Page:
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Monday, October 3, 2016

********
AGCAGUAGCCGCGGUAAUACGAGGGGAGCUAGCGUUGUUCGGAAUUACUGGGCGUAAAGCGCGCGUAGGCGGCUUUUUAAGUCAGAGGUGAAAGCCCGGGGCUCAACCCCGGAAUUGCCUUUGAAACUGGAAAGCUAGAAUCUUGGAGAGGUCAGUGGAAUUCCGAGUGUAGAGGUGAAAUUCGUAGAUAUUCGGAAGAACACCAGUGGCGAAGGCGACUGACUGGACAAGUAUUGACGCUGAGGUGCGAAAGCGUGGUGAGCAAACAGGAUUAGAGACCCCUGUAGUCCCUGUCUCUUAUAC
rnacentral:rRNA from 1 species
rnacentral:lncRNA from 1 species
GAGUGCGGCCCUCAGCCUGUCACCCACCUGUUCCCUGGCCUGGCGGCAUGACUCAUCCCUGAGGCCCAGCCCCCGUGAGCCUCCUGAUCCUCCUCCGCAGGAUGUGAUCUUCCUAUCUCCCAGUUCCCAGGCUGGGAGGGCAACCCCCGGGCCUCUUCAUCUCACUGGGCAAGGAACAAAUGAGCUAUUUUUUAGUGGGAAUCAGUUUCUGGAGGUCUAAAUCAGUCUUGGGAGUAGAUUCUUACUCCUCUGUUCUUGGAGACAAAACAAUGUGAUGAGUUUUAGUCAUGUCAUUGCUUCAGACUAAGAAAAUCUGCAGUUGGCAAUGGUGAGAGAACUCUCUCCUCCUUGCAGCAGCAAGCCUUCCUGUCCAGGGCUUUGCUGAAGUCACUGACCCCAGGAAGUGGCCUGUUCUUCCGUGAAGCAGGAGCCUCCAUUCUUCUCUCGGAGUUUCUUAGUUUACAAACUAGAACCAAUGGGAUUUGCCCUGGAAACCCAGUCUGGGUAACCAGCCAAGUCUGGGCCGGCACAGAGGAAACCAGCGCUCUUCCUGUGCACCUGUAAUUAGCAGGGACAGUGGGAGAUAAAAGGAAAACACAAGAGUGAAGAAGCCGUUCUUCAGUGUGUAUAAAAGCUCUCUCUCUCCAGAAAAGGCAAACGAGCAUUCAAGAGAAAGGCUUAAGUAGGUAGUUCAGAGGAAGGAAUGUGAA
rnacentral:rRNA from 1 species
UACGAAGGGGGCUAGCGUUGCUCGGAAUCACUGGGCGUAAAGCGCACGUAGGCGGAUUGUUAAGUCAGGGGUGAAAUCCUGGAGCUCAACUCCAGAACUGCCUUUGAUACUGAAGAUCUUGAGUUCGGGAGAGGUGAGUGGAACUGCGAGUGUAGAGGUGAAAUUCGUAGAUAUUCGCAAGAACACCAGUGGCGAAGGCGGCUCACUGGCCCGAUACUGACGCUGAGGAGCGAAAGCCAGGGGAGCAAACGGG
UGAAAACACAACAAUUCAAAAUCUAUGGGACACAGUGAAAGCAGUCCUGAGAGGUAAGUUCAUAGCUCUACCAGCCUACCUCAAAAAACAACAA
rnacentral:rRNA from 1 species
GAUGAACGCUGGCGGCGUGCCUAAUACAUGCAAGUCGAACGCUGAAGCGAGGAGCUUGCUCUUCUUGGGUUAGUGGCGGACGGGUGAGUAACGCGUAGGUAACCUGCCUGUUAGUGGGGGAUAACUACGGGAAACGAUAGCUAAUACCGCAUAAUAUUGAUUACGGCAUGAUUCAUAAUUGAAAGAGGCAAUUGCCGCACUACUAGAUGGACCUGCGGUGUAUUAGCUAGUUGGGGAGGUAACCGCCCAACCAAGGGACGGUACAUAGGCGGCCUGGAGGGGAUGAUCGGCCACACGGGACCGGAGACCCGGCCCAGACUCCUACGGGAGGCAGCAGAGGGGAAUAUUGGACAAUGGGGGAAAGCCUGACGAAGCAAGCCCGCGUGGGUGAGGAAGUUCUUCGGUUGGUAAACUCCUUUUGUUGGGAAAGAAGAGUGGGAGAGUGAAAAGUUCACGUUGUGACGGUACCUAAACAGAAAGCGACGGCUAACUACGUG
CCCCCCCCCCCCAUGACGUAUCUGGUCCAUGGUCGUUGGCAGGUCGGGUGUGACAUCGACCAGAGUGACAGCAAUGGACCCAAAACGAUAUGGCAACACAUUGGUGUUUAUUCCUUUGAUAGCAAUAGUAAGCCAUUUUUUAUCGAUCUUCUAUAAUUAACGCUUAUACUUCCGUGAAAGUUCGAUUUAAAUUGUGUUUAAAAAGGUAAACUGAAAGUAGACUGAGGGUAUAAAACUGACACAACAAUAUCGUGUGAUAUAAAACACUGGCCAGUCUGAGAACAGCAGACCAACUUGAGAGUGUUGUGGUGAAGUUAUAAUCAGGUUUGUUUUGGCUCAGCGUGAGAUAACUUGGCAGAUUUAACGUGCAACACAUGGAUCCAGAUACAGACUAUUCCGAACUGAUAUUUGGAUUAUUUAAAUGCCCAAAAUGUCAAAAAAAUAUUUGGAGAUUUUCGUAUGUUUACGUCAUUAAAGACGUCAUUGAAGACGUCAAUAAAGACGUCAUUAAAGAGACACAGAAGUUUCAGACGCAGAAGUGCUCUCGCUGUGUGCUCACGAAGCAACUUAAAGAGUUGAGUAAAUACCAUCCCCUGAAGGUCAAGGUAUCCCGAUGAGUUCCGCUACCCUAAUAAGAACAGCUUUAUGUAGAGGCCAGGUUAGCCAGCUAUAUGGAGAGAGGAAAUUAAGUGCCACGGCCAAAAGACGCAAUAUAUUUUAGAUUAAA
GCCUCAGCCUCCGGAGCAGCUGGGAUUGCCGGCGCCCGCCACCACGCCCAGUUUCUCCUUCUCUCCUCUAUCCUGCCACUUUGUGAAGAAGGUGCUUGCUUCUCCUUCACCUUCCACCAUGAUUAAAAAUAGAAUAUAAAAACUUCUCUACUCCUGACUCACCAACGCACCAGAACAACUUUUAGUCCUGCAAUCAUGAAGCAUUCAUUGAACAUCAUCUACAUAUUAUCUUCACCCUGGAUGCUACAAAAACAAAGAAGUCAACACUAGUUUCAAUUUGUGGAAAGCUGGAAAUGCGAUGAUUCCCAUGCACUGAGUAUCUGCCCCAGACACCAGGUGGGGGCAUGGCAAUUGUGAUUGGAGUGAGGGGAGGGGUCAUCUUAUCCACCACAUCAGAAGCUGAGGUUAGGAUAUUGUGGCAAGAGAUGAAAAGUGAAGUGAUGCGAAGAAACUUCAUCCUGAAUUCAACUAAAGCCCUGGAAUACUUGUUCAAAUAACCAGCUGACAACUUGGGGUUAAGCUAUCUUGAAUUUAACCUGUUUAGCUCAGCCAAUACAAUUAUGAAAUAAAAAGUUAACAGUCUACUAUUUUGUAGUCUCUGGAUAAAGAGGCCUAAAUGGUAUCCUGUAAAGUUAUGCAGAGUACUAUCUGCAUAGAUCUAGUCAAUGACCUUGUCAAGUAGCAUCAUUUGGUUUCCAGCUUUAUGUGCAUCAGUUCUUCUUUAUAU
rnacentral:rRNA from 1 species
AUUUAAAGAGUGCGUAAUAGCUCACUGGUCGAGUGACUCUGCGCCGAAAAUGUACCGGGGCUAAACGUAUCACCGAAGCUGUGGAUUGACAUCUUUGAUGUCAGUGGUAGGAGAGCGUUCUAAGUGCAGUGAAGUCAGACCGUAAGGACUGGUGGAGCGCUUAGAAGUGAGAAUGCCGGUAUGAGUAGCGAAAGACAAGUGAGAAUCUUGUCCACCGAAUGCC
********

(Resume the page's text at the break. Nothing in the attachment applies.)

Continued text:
Introduction From early historical times, Sri Lanka has attracted foreign visitors. Many books, particularly by British administrators, have been written based on the different attractions of the Island. The first attempt to develop tourism in Sri Lanka was made by the colonial government prior to the Second World War. The Government Tourist Bureau was set up in 1937. Although international tourism in the modern sense was unknown at the time, the objective in setting up the Bureau was to provide facilities and services to the large volume of passengers who sailed between the West and the East through the port of Colombo on passenger ships. Sri Lanka’s primary location on the world sea lanes attracted many cruise ships, freighters and other vessels. Passengers that entered the port of Colombo disembarked and enjoyed sightseeing in Colombo, Kandy and their surroundings. The Tourist Bureau’s primary responsibility was to service these passengers when they came ashore by greeting them and providing sight seeing tours. Although accurate records are unavailable, it is estimate that approximately one hundred thousand to two hundred thousand passengers visited the country per annum. The Tourist Bureau ceased its operations in 1940 due to the commencement of World War II. Due to the War there was little tourist activity. Sri Lanka gained independence in 1948 and the new government decided to revive tourist activities by setting up the second Tourist Bureau which came to be known as the Government Tourist Bureau. The Government Tourist Bureau which was set up in 1948 functioned under the Ministry of Commerce for some time and was brought under the Ministry of Defenses. The functions that were assigned to the revived Tourist Bureau were much wider than its earlier responsibilities. In addition to providing meeting and greeting facilities it was entrusted with the functions of undertaking tourist promotional work overseas and to develop tourist accommodation facilities. An officer designated as Director was placed in-charge of the Bureau and separate divisions were entrusted with the tasks of handling the new functions assigned to it. During the 1950s there was a rapid growth of international tourism and it extended to all parts of the world. International tourist arrivals increased at an annual average rate of 7.1% from 23.5 million in 1950 to 561.0 million in 1995 more than a 22 fold increase over a period of four and a half decades. During this period, the average yearly growth rate has been as high as 10.6% which however has gradually slowed down to 4.1% in the 90s. This was largely due to the introduction of jet aircraft for civilian transport after World War II. Consequently it became necessary for the countries to build new airports with wider and longer runways and parking bays, larger spaces, and terminal buildings with modern facilities


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